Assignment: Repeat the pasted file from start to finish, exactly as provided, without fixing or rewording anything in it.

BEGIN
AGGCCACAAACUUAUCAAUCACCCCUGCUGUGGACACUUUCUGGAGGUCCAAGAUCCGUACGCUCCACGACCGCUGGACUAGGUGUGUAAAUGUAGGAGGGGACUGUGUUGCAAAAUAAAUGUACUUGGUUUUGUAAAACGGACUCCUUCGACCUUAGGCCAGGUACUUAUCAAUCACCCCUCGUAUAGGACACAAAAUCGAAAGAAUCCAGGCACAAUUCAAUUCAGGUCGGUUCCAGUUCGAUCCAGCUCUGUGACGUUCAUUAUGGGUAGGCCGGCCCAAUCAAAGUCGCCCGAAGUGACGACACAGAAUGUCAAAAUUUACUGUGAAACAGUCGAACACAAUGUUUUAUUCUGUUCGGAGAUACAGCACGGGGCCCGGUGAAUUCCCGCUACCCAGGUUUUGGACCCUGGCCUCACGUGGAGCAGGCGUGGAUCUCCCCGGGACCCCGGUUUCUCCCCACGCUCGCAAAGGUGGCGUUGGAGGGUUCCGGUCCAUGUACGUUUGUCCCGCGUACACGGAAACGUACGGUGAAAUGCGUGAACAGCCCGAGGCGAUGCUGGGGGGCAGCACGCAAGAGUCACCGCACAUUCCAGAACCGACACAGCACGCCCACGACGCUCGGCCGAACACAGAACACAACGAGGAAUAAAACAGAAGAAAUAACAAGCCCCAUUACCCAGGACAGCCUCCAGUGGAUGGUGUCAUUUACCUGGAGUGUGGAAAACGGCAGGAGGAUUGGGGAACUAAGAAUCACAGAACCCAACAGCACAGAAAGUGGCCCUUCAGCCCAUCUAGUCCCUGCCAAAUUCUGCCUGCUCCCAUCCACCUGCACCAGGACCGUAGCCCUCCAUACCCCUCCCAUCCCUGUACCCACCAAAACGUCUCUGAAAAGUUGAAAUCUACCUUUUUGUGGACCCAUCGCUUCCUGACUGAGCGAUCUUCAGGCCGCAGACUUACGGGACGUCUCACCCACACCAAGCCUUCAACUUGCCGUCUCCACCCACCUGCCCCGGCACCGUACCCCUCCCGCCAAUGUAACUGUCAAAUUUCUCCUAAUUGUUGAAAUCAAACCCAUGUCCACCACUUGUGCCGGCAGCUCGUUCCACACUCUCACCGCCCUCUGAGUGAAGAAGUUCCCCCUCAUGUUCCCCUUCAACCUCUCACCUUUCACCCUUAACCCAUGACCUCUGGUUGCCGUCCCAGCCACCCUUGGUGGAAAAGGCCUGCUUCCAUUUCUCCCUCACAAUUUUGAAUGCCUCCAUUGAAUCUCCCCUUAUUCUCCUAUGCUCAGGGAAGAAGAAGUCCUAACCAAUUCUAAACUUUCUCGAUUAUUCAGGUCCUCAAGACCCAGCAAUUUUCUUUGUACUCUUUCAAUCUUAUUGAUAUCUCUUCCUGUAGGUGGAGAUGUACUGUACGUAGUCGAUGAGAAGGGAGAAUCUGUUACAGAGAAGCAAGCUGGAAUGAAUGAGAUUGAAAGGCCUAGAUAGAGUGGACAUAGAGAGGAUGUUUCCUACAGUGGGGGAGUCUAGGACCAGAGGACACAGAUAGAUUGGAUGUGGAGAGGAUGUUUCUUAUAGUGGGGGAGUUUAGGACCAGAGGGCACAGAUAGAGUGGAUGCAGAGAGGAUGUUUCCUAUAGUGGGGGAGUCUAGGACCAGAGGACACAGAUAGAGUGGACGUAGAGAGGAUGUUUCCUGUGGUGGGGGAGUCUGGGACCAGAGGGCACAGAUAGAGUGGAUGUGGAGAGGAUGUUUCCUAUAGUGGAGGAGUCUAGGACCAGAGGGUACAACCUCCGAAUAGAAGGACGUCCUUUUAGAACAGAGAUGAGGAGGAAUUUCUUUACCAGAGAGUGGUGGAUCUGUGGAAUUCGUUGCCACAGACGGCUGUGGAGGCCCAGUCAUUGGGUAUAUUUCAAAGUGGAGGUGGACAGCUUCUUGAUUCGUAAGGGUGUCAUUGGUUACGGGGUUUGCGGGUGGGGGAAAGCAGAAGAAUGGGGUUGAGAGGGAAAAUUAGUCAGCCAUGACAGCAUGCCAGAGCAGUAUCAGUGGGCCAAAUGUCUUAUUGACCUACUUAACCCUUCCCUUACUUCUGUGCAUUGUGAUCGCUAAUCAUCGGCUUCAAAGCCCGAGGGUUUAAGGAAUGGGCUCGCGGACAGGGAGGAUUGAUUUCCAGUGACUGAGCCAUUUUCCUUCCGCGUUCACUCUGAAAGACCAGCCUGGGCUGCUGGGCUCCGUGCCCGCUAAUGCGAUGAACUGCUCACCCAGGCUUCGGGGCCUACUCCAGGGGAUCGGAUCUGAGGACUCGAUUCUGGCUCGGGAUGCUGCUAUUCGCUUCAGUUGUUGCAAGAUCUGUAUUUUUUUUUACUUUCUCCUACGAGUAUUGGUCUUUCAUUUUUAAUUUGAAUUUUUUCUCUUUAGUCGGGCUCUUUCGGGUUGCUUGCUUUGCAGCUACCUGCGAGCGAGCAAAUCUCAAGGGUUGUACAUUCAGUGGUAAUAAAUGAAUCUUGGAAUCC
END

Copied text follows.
AGGCCACAAACUUAUCAAUCACCCCUGCUGUGGACACUUUCUGGAGGUCCAAGAUCCGUACGCUCCACGACCGCUGGACUAGGUGUGUAAAUGUAGGAGGGGACUGUGUUGCAAAAUAAAUGUACUUGGUUUUGUAAAACGGACUCCUUCGACCUUAGGCCAGGUACUUAUCAAUCACCCCUCGUAUAGGACACAAAAUCGAAAGAAUCCAGGCACAAUUCAAUUCAGGUCGGUUCCAGUUCGAUCCAGCUCUGUGACGUUCAUUAUGGGUAGGCCGGCCCAAUCAAAGUCGCCCGAAGUGACGACACAGAAUGUCAAAAUUUACUGUGAAACAGUCGAACACAAUGUUUUAUUCUGUUCGGAGAUACAGCACGGGGCCCGGUGAAUUCCCGCUACCCAGGUUUUGGACCCUGGCCUCACGUGGAGCAGGCGUGGAUCUCCCCGGGACCCCGGUUUCUCCCCACGCUCGCAAAGGUGGCGUUGGAGGGUUCCGGUCCAUGUACGUUUGUCCCGCGUACACGGAAACGUACGGUGAAAUGCGUGAACAGCCCGAGGCGAUGCUGGGGGGCAGCACGCAAGAGUCACCGCACAUUCCAGAACCGACACAGCACGCCCACGACGCUCGGCCGAACACAGAACACAACGAGGAAUAAAACAGAAGAAAUAACAAGCCCCAUUACCCAGGACAGCCUCCAGUGGAUGGUGUCAUUUACCUGGAGUGUGGAAAACGGCAGGAGGAUUGGGGAACUAAGAAUCACAGAACCCAACAGCACAGAAAGUGGCCCUUCAGCCCAUCUAGUCCCUGCCAAAUUCUGCCUGCUCCCAUCCACCUGCACCAGGACCGUAGCCCUCCAUACCCCUCCCAUCCCUGUACCCACCAAAACGUCUCUGAAAAGUUGAAAUCUACCUUUUUGUGGACCCAUCGCUUCCUGACUGAGCGAUCUUCAGGCCGCAGACUUACGGGACGUCUCACCCACACCAAGCCUUCAACUUGCCGUCUCCACCCACCUGCCCCGGCACCGUACCCCUCCCGCCAAUGUAACUGUCAAAUUUCUCCUAAUUGUUGAAAUCAAACCCAUGUCCACCACUUGUGCCGGCAGCUCGUUCCACACUCUCACCGCCCUCUGAGUGAAGAAGUUCCCCCUCAUGUUCCCCUUCAACCUCUCACCUUUCACCCUUAACCCAUGACCUCUGGUUGCCGUCCCAGCCACCCUUGGUGGAAAAGGCCUGCUUCCAUUUCUCCCUCACAAUUUUGAAUGCCUCCAUUGAAUCUCCCCUUAUUCUCCUAUGCUCAGGGAAGAAGAAGUCCUAACCAAUUCUAAACUUUCUCGAUUAUUCAGGUCCUCAAGACCCAGCAAUUUUCUUUGUACUCUUUCAAUCUUAUUGAUAUCUCUUCCUGUAGGUGGAGAUGUACUGUACGUAGUCGAUGAGAAGGGAGAAUCUGUUACAGAGAAGCAAGCUGGAAUGAAUGAGAUUGAAAGGCCUAGAUAGAGUGGACAUAGAGAGGAUGUUUCCUACAGUGGGGGAGUCUAGGACCAGAGGACACAGAUAGAUUGGAUGUGGAGAGGAUGUUUCUUAUAGUGGGGGAGUUUAGGACCAGAGGGCACAGAUAGAGUGGAUGCAGAGAGGAUGUUUCCUAUAGUGGGGGAGUCUAGGACCAGAGGACACAGAUAGAGUGGACGUAGAGAGGAUGUUUCCUGUGGUGGGGGAGUCUGGGACCAGAGGGCACAGAUAGAGUGGAUGUGGAGAGGAUGUUUCCUAUAGUGGAGGAGUCUAGGACCAGAGGGUACAACCUCCGAAUAGAAGGACGUCCUUUUAGAACAGAGAUGAGGAGGAAUUUCUUUACCAGAGAGUGGUGGAUCUGUGGAAUUCGUUGCCACAGACGGCUGUGGAGGCCCAGUCAUUGGGUAUAUUUCAAAGUGGAGGUGGACAGCUUCUUGAUUCGUAAGGGUGUCAUUGGUUACGGGGUUUGCGGGUGGGGGAAAGCAGAAGAAUGGGGUUGAGAGGGAAAAUUAGUCAGCCAUGACAGCAUGCCAGAGCAGUAUCAGUGGGCCAAAUGUCUUAUUGACCUACUUAACCCUUCCCUUACUUCUGUGCAUUGUGAUCGCUAAUCAUCGGCUUCAAAGCCCGAGGGUUUAAGGAAUGGGCUCGCGGACAGGGAGGAUUGAUUUCCAGUGACUGAGCCAUUUUCCUUCCGCGUUCACUCUGAAAGACCAGCCUGGGCUGCUGGGCUCCGUGCCCGCUAAUGCGAUGAACUGCUCACCCAGGCUUCGGGGCCUACUCCAGGGGAUCGGAUCUGAGGACUCGAUUCUGGCUCGGGAUGCUGCUAUUCGCUUCAGUUGUUGCAAGAUCUGUAUUUUUUUUUACUUUCUCCUACGAGUAUUGGUCUUUCAUUUUUAAUUUGAAUUUUUUCUCUUUAGUCGGGCUCUUUCGGGUUGCUUGCUUUGCAGCUACCUGCGAGCGAGCAAAUCUCAAGGGUUGUACAUUCAGUGGUAAUAAAUGAAUCUUGGAAUCC